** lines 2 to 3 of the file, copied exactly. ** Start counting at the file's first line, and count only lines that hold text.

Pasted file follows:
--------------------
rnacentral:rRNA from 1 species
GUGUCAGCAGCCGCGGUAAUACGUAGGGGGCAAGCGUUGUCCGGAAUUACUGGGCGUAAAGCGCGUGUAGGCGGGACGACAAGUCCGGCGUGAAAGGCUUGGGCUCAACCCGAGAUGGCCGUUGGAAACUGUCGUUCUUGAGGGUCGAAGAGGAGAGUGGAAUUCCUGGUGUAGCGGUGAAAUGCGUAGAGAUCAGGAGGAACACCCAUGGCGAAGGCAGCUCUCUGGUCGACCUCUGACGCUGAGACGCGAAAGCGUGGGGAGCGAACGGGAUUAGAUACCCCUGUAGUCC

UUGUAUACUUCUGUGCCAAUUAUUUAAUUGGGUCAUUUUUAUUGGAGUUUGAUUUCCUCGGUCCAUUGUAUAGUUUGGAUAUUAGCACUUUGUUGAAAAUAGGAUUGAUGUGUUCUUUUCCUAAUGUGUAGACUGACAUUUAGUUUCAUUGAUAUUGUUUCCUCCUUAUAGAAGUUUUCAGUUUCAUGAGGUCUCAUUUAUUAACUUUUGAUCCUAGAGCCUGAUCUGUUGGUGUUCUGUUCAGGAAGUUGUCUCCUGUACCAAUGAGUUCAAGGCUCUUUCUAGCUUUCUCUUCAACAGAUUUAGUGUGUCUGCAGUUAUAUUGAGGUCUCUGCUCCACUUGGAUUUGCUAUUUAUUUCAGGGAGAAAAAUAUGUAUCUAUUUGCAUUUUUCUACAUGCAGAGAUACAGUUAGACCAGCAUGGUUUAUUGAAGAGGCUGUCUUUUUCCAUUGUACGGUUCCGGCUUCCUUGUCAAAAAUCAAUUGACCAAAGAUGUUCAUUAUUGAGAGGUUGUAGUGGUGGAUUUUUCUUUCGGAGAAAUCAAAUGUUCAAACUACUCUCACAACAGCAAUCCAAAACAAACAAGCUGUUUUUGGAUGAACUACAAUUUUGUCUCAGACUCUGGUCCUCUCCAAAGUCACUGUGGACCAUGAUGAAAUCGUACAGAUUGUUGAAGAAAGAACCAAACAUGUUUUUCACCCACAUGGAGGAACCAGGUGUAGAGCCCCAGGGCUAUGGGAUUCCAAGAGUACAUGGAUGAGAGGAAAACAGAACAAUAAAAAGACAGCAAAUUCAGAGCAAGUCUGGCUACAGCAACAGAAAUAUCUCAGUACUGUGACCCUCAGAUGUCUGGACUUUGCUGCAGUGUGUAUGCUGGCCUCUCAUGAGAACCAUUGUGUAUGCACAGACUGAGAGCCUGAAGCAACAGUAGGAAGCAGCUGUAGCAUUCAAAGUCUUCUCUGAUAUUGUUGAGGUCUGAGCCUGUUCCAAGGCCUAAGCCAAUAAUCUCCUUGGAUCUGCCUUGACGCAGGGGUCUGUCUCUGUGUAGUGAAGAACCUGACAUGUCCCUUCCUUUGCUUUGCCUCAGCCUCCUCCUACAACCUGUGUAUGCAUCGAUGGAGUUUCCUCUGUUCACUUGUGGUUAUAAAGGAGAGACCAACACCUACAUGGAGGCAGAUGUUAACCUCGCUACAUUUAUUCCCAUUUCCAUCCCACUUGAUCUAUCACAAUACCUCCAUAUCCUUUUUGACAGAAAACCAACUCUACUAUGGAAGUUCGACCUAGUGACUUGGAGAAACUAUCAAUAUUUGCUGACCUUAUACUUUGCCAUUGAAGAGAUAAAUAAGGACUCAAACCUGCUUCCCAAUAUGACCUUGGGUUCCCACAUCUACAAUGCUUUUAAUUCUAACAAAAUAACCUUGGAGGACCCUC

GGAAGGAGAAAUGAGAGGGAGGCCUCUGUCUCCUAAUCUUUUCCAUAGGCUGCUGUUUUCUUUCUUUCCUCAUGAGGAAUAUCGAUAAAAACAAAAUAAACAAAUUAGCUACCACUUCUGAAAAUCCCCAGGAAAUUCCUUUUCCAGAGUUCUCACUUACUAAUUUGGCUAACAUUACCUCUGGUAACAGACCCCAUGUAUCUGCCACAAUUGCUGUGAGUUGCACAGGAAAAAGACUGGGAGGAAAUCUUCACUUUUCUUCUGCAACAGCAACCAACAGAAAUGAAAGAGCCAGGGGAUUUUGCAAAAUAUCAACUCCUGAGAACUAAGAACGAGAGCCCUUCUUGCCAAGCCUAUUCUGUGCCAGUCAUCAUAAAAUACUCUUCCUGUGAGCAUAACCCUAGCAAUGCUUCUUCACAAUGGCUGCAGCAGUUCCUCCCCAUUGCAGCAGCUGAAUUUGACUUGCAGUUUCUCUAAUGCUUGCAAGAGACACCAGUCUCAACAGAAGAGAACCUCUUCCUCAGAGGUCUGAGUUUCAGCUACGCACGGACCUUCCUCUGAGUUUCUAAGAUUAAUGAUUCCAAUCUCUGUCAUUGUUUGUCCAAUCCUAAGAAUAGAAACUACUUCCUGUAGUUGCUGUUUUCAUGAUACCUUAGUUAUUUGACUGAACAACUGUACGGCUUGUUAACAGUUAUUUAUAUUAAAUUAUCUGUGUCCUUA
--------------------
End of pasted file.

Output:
GUGUCAGCAGCCGCGGUAAUACGUAGGGGGCAAGCGUUGUCCGGAAUUACUGGGCGUAAAGCGCGUGUAGGCGGGACGACAAGUCCGGCGUGAAAGGCUUGGGCUCAACCCGAGAUGGCCGUUGGAAACUGUCGUUCUUGAGGGUCGAAGAGGAGAGUGGAAUUCCUGGUGUAGCGGUGAAAUGCGUAGAGAUCAGGAGGAACACCCAUGGCGAAGGCAGCUCUCUGGUCGACCUCUGACGCUGAGACGCGAAAGCGUGGGGAGCGAACGGGAUUAGAUACCCCUGUAGUCC

UUGUAUACUUCUGUGCCAAUUAUUUAAUUGGGUCAUUUUUAUUGGAGUUUGAUUUCCUCGGUCCAUUGUAUAGUUUGGAUAUUAGCACUUUGUUGAAAAUAGGAUUGAUGUGUUCUUUUCCUAAUGUGUAGACUGACAUUUAGUUUCAUUGAUAUUGUUUCCUCCUUAUAGAAGUUUUCAGUUUCAUGAGGUCUCAUUUAUUAACUUUUGAUCCUAGAGCCUGAUCUGUUGGUGUUCUGUUCAGGAAGUUGUCUCCUGUACCAAUGAGUUCAAGGCUCUUUCUAGCUUUCUCUUCAACAGAUUUAGUGUGUCUGCAGUUAUAUUGAGGUCUCUGCUCCACUUGGAUUUGCUAUUUAUUUCAGGGAGAAAAAUAUGUAUCUAUUUGCAUUUUUCUACAUGCAGAGAUACAGUUAGACCAGCAUGGUUUAUUGAAGAGGCUGUCUUUUUCCAUUGUACGGUUCCGGCUUCCUUGUCAAAAAUCAAUUGACCAAAGAUGUUCAUUAUUGAGAGGUUGUAGUGGUGGAUUUUUCUUUCGGAGAAAUCAAAUGUUCAAACUACUCUCACAACAGCAAUCCAAAACAAACAAGCUGUUUUUGGAUGAACUACAAUUUUGUCUCAGACUCUGGUCCUCUCCAAAGUCACUGUGGACCAUGAUGAAAUCGUACAGAUUGUUGAAGAAAGAACCAAACAUGUUUUUCACCCACAUGGAGGAACCAGGUGUAGAGCCCCAGGGCUAUGGGAUUCCAAGAGUACAUGGAUGAGAGGAAAACAGAACAAUAAAAAGACAGCAAAUUCAGAGCAAGUCUGGCUACAGCAACAGAAAUAUCUCAGUACUGUGACCCUCAGAUGUCUGGACUUUGCUGCAGUGUGUAUGCUGGCCUCUCAUGAGAACCAUUGUGUAUGCACAGACUGAGAGCCUGAAGCAACAGUAGGAAGCAGCUGUAGCAUUCAAAGUCUUCUCUGAUAUUGUUGAGGUCUGAGCCUGUUCCAAGGCCUAAGCCAAUAAUCUCCUUGGAUCUGCCUUGACGCAGGGGUCUGUCUCUGUGUAGUGAAGAACCUGACAUGUCCCUUCCUUUGCUUUGCCUCAGCCUCCUCCUACAACCUGUGUAUGCAUCGAUGGAGUUUCCUCUGUUCACUUGUGGUUAUAAAGGAGAGACCAACACCUACAUGGAGGCAGAUGUUAACCUCGCUACAUUUAUUCCCAUUUCCAUCCCACUUGAUCUAUCACAAUACCUCCAUAUCCUUUUUGACAGAAAACCAACUCUACUAUGGAAGUUCGACCUAGUGACUUGGAGAAACUAUCAAUAUUUGCUGACCUUAUACUUUGCCAUUGAAGAGAUAAAUAAGGACUCAAACCUGCUUCCCAAUAUGACCUUGGGUUCCCACAUCUACAAUGCUUUUAAUUCUAACAAAAUAACCUUGGAGGACCCUC